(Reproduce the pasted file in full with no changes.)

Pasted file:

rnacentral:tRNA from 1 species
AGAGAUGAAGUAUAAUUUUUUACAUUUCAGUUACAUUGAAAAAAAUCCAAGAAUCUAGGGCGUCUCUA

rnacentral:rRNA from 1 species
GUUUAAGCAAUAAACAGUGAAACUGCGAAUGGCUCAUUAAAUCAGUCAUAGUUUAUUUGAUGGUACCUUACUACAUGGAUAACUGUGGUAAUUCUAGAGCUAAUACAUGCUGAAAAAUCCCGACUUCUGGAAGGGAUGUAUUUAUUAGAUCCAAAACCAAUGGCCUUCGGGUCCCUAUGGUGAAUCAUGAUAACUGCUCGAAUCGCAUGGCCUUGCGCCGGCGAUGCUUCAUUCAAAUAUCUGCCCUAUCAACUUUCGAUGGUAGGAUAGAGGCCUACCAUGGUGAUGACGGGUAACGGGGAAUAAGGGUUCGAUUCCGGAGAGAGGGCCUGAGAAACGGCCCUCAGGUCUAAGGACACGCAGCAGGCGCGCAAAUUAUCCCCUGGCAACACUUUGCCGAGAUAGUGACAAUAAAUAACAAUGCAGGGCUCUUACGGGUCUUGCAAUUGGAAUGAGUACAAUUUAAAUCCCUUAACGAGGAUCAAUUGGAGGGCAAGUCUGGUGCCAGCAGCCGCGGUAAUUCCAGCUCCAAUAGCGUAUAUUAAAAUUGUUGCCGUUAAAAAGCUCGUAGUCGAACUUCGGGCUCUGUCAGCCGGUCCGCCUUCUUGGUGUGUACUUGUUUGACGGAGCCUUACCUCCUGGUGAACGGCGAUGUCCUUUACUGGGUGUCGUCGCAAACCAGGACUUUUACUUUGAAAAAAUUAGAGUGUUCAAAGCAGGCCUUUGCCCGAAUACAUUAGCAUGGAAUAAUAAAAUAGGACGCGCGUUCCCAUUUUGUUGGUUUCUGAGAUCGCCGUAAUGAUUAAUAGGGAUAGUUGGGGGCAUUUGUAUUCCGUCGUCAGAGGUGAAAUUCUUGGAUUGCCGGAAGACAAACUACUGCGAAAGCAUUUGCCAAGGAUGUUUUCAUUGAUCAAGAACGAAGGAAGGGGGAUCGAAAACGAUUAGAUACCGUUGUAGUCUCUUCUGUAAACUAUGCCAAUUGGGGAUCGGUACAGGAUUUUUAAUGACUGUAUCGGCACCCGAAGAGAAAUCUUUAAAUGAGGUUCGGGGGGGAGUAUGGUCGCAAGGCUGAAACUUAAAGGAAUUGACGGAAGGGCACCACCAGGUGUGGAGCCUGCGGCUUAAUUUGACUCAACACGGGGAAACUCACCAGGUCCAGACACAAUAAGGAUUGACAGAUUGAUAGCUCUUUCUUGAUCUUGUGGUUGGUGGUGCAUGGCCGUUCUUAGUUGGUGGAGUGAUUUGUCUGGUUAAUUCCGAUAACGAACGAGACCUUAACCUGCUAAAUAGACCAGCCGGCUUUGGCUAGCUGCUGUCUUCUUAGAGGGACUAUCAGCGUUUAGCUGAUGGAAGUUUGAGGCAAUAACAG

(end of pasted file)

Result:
rnacentral:tRNA from 1 species
AGAGAUGAAGUAUAAUUUUUUACAUUUCAGUUACAUUGAAAAAAAUCCAAGAAUCUAGGGCGUCUCUA

rnacentral:rRNA from 1 species
GUUUAAGCAAUAAACAGUGAAACUGCGAAUGGCUCAUUAAAUCAGUCAUAGUUUAUUUGAUGGUACCUUACUACAUGGAUAACUGUGGUAAUUCUAGAGCUAAUACAUGCUGAAAAAUCCCGACUUCUGGAAGGGAUGUAUUUAUUAGAUCCAAAACCAAUGGCCUUCGGGUCCCUAUGGUGAAUCAUGAUAACUGCUCGAAUCGCAUGGCCUUGCGCCGGCGAUGCUUCAUUCAAAUAUCUGCCCUAUCAACUUUCGAUGGUAGGAUAGAGGCCUACCAUGGUGAUGACGGGUAACGGGGAAUAAGGGUUCGAUUCCGGAGAGAGGGCCUGAGAAACGGCCCUCAGGUCUAAGGACACGCAGCAGGCGCGCAAAUUAUCCCCUGGCAACACUUUGCCGAGAUAGUGACAAUAAAUAACAAUGCAGGGCUCUUACGGGUCUUGCAAUUGGAAUGAGUACAAUUUAAAUCCCUUAACGAGGAUCAAUUGGAGGGCAAGUCUGGUGCCAGCAGCCGCGGUAAUUCCAGCUCCAAUAGCGUAUAUUAAAAUUGUUGCCGUUAAAAAGCUCGUAGUCGAACUUCGGGCUCUGUCAGCCGGUCCGCCUUCUUGGUGUGUACUUGUUUGACGGAGCCUUACCUCCUGGUGAACGGCGAUGUCCUUUACUGGGUGUCGUCGCAAACCAGGACUUUUACUUUGAAAAAAUUAGAGUGUUCAAAGCAGGCCUUUGCCCGAAUACAUUAGCAUGGAAUAAUAAAAUAGGACGCGCGUUCCCAUUUUGUUGGUUUCUGAGAUCGCCGUAAUGAUUAAUAGGGAUAGUUGGGGGCAUUUGUAUUCCGUCGUCAGAGGUGAAAUUCUUGGAUUGCCGGAAGACAAACUACUGCGAAAGCAUUUGCCAAGGAUGUUUUCAUUGAUCAAGAACGAAGGAAGGGGGAUCGAAAACGAUUAGAUACCGUUGUAGUCUCUUCUGUAAACUAUGCCAAUUGGGGAUCGGUACAGGAUUUUUAAUGACUGUAUCGGCACCCGAAGAGAAAUCUUUAAAUGAGGUUCGGGGGGGAGUAUGGUCGCAAGGCUGAAACUUAAAGGAAUUGACGGAAGGGCACCACCAGGUGUGGAGCCUGCGGCUUAAUUUGACUCAACACGGGGAAACUCACCAGGUCCAGACACAAUAAGGAUUGACAGAUUGAUAGCUCUUUCUUGAUCUUGUGGUUGGUGGUGCAUGGCCGUUCUUAGUUGGUGGAGUGAUUUGUCUGGUUAAUUCCGAUAACGAACGAGACCUUAACCUGCUAAAUAGACCAGCCGGCUUUGGCUAGCUGCUGUCUUCUUAGAGGGACUAUCAGCGUUUAGCUGAUGGAAGUUUGAGGCAAUAACAG